Lessons in Courage from #LaurenHill

In sports and leadership, we are sometimes guilty of overusing the word “courage”.  We talk about a player making a courageous play or having courage to return from an injury. We talk about a leader having the courage to make difficult decisions.  Yes, these situations may be challenging for a player or leader, but do they take the type of courage that some real-life situations require?  The soldier going off to battle needs courage.  The person who lost a loved one and needs to carry on with life needs courage. The person diagnosed with a terminal illness needs courage. So, we need to be careful about using the word “courage” when we describe events in sports or leadership.

But I came across a sports situation last week that truly does exemplify courage.  Lauren Hill is a freshman basketball player at Division III Mount St. Joseph University.  According to ESPN.com, just 48 days after committing to Mount St. Joseph to play basketball, Lauren was diagnosed with diffuse intrinsic pontine glioma (DIPG), a rare pediatric brain cancer that normally affects children between the ages of 5 and 7.  Lauren was diagnosed as a senior in high school.  In September, just two months ago, and 11 months after she was first diagnosed, Lauren was told she had just a few months to live.

So with her last few months, Lauren has decided to spread the word about DIPG.  She wants to be a voice for the many young kids who are affected but can’t express their feelings or communicate well enough to raise awareness about this disease that has a zero percent survival rate.

A couple weeks ago, Mount St. Joseph opened the college basketball season with a game against Hiram College.  The game was moved to an earlier date to insure that Lauren Hill could play. But the date wasn’t the only thing to move.  Lauren did such a good job spreading the word about DIPG, that the game was moved to Xavier University to accommodate the large crowd. On the day of the game, Mount St. Joseph (a team that normally plays in front of 100 fans) and Hiram played in front of 10,000 fans.  Lauren Hill was in the starting lineup and scored the first two points of the game.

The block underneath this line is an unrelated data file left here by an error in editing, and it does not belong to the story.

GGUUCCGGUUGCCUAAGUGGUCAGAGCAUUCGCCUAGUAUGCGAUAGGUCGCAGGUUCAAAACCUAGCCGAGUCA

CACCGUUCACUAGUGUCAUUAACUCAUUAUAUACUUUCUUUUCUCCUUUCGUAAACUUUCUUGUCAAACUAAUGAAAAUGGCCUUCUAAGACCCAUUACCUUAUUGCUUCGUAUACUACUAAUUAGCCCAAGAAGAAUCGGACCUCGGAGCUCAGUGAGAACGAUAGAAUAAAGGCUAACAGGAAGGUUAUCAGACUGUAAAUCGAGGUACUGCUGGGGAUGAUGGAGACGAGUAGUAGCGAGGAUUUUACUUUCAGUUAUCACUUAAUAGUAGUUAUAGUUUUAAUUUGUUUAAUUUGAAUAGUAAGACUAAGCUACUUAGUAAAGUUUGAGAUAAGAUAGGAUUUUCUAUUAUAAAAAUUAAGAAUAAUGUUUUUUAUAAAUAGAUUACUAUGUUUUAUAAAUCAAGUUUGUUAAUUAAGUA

Lauren Hill knows she has inoperable brain cancer.  She knows her time is limited.  Yet she has devoted this precious time to creating awareness about DIPG.  By informing others about this deadly disease, Lauren wants to help children that have been, or will be, diagnosed.  Hopefully, this awareness will lead to greater support and more research toward finding a cure for pediatric brain cancer.

Lauren achieved her dream of playing college basketball.  In addition to those two points to start the game, she also scored the final two points of the game.  But more importantly, she touched thousands of fans who now know about DIPG.  We cannot imagine the courage Lauren Hill has needed since that diagnosis a year ago.  She has stayed positive and focused her efforts on helping others with the disease, and still more who will be diagnosed.  She has displayed unbelievable courage.  And yes, this is one time that use of the word “courage” is appropriate in sports.

Thanks for reading,

Jim

P.S. – Check out my website at http://www.jvearle.com and keep me in mind if you hear of any opportunities to share my thoughts on leadership.

Ways to follow Dr. Jim Earle:
Twitter – @jvearle
Blog – http://www.jvearle.wordpress.com
Facebook – JVEarleConsulting
Website – http://www.jvearle.com

 

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